New powerful forts constructed at Coalhouse, Shornemead and Cliffe planned to work in unison and provide a first line of defence for the protection of the river approach to the Capital and Woolwich Arsenal. A second line was provided by upgrading the forts at Tilbury and Gravesend.
Colonel, later General, Charles Gordon supervised the later stages of the construction of these new Thames defences.
After several changes of plan, Coalhouse Fort completed and armed with 3 x 9 inch Rifled Muzzle Loaders (RML'.s), shell-firing guns in the open battery, and 11 inch RML's in the casemates. These bombproof casemates had 5-foot thick roofs of brick and concrete with granite fronts and iron shields.
Four 12.5 inch RML's added to the armament each weighing 38 tons with a range of 5,500 yards. The intended garrison was 6 officers and 180 N.C.O.s and men but these figures were not realised until the beginning of World War I.
An entirely new East Tilbury Battery was constructed between river and village street. It was designed for 4 x 6-inch breech loading guns and 2 x 10-inch breech loading guns on disappearing mountings. These were new breech-loaders using smokeless powder with a range of 6,000 yards, which made the cumbersome RML's obsolete.
Wing battery constructed just south of Coalhouse Fort for 4 x 6 pounder quick firing guns, which fired at 25 rounds per minute, mainly for minefield defence. Similar batteries were established at Cliffe and Shornemead.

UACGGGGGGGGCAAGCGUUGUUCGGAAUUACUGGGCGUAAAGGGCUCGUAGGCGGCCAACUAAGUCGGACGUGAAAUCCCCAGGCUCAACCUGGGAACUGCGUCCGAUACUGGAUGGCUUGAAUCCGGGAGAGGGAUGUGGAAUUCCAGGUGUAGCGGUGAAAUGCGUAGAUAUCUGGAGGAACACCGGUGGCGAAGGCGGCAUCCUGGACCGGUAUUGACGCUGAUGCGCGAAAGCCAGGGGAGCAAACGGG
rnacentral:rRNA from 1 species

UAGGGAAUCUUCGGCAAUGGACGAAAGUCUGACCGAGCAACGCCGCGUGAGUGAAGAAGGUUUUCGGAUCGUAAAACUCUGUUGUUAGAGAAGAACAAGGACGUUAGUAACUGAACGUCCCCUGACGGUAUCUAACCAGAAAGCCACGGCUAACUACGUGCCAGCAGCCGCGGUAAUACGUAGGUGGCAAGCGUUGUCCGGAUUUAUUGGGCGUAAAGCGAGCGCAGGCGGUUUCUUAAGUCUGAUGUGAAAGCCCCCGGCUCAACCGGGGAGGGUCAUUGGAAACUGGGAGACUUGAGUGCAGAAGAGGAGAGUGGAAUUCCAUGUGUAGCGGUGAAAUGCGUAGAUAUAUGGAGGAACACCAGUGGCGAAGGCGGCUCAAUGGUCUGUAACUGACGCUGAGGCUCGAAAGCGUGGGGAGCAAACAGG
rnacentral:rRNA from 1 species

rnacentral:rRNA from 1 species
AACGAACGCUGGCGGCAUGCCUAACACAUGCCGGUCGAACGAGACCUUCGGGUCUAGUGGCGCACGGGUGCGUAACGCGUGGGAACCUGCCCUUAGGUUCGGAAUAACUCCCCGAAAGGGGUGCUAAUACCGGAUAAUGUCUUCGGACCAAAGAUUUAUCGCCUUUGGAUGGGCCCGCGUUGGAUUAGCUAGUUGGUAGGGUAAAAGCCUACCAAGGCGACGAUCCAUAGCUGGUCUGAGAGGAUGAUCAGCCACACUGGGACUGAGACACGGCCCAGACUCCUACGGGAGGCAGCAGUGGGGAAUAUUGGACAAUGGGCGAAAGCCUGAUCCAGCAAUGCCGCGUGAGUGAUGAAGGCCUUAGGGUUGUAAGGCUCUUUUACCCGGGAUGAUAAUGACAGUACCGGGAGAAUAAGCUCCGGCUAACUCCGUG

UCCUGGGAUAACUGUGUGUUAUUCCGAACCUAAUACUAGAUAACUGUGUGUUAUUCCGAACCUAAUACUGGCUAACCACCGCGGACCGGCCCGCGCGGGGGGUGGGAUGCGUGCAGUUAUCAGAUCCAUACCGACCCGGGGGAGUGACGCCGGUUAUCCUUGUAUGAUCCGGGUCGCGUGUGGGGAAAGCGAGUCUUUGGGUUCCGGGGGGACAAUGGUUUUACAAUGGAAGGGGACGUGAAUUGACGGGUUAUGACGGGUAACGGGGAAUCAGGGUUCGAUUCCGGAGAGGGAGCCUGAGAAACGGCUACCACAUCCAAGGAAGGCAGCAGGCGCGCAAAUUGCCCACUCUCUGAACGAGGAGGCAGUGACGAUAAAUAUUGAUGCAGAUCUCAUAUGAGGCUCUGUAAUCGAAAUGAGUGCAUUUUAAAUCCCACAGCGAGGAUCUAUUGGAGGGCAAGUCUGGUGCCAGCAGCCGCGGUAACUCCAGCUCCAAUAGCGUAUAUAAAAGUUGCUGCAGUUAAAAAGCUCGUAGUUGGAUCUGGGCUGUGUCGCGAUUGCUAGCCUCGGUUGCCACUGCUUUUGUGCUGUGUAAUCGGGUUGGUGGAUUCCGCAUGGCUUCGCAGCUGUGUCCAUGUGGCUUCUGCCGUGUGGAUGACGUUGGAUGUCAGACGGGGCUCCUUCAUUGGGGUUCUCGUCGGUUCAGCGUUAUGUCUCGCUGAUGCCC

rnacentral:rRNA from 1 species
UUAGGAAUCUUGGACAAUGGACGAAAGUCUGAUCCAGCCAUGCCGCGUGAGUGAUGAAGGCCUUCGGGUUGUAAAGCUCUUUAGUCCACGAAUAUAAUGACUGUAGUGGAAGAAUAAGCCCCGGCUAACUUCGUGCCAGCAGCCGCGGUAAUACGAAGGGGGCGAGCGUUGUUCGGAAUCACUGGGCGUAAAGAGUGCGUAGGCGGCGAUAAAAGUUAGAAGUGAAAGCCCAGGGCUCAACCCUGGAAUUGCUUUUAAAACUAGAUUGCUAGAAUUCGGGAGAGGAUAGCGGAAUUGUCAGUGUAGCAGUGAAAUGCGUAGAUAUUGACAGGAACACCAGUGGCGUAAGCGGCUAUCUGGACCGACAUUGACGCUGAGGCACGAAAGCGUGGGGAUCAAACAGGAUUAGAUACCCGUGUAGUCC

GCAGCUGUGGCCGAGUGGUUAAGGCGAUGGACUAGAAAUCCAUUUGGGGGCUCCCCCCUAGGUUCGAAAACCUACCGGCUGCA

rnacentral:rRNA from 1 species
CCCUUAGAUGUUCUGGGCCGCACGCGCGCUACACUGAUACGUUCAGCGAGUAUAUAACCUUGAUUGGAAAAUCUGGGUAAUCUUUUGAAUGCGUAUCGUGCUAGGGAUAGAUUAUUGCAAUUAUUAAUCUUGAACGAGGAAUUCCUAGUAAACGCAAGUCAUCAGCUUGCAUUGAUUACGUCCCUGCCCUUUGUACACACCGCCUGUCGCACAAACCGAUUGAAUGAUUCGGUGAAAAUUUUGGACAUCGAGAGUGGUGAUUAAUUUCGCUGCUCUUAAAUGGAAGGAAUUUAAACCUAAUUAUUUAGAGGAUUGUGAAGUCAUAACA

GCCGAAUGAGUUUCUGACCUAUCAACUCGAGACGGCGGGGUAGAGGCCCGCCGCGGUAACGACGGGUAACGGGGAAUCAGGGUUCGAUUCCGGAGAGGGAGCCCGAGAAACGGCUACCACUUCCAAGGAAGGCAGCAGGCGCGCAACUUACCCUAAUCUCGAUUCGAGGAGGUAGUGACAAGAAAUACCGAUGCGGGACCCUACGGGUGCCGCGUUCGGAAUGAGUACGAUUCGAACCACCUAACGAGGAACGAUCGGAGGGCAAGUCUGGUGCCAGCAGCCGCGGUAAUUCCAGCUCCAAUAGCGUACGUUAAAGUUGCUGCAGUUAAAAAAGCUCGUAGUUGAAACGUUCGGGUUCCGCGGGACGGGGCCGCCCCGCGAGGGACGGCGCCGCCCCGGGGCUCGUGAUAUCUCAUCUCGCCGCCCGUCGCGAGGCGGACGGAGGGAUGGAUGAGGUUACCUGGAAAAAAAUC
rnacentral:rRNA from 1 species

The disappearing mountings of the 6 inch breech loading guns at East Tilbury Battery were replaced by conventional ones and the 10 inch breech loading guns declared obsolescent. Coalhouse Fort casemates were abandoned as gun housings. The east facing part of the roof was strengthened with huge concrete pillars and 4 x 6-inch breech-loading guns with a 7 mile range were installed. On the more southerly part of the roof, 4 x 12 pounder quick firing guns were installed with a range of 4½ miles. The 6 pounder guns in the wing battery were removed and replaced by searchlights. Earth was banked against the casemates to give extra protection and to reduce the profile, although it seems that some of the 12.5 inch RML's remained until 1907. By this date the 12 pounder Battery on the roof of Coalhouse Fort was obsolescent.
Main defences established further down river. Coalhouse Fort used as an examination battery in conjunction with Cliffe and Shornemead. Remotely controlled mines laid in the river between the forts. Thames and Medway defences manned by No. 2 Coy. London Electrical Engineers and No. 2 Coy. Royal Garrison Artillery.